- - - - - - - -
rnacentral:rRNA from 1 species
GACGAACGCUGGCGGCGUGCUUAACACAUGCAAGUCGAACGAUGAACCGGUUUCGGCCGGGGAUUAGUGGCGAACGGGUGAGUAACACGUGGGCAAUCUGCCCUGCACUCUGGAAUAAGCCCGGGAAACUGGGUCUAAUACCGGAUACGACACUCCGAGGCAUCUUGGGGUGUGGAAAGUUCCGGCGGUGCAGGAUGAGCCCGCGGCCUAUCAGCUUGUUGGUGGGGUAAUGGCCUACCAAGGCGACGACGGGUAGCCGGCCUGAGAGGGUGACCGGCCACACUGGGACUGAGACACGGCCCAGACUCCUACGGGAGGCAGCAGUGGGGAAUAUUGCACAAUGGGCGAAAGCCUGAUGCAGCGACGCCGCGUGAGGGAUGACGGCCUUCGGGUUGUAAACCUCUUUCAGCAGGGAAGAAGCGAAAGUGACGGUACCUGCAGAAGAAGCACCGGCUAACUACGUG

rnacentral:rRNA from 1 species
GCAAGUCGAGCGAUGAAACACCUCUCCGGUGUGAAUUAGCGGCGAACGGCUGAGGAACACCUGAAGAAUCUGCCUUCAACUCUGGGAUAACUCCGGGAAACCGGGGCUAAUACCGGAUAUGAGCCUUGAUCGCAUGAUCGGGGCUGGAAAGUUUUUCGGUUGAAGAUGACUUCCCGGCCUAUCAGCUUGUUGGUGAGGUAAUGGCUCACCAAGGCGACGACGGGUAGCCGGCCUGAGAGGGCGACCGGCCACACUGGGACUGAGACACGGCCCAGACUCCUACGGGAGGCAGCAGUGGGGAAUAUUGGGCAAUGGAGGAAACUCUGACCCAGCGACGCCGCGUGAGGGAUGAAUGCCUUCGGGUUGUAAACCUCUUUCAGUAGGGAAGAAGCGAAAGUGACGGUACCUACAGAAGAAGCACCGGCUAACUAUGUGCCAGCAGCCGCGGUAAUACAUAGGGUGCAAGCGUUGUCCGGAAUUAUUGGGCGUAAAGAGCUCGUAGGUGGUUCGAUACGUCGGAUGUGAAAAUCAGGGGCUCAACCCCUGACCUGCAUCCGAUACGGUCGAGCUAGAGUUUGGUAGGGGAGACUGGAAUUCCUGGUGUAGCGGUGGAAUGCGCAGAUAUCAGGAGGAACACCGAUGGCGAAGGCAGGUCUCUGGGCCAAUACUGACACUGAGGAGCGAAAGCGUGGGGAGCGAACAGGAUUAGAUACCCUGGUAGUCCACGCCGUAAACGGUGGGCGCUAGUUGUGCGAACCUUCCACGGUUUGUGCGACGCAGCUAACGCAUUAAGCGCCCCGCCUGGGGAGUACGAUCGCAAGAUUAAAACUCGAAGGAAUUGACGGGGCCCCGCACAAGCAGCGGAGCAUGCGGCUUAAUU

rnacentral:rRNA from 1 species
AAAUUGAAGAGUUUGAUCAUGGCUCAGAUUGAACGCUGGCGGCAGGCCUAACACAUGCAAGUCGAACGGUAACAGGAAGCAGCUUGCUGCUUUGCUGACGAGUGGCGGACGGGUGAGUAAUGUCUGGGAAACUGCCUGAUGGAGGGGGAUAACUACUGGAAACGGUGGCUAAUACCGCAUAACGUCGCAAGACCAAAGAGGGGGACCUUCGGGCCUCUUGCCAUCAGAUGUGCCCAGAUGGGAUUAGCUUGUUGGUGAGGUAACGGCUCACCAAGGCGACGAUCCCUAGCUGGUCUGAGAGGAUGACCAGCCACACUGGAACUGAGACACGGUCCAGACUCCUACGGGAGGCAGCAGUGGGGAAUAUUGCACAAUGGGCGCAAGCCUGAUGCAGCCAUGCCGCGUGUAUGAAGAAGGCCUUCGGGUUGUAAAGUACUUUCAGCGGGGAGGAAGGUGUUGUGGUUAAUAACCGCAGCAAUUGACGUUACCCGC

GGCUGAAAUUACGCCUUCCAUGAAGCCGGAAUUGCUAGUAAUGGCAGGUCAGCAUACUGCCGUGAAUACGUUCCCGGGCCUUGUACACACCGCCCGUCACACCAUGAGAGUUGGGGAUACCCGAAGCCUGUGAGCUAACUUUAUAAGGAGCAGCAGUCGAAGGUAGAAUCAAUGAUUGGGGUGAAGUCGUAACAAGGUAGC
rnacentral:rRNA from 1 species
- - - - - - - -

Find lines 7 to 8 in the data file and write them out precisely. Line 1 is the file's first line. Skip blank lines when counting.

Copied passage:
GGCUGAAAUUACGCCUUCCAUGAAGCCGGAAUUGCUAGUAAUGGCAGGUCAGCAUACUGCCGUGAAUACGUUCCCGGGCCUUGUACACACCGCCCGUCACACCAUGAGAGUUGGGGAUACCCGAAGCCUGUGAGCUAACUUUAUAAGGAGCAGCAGUCGAAGGUAGAAUCAAUGAUUGGGGUGAAGUCGUAACAAGGUAGC
rnacentral:rRNA from 1 species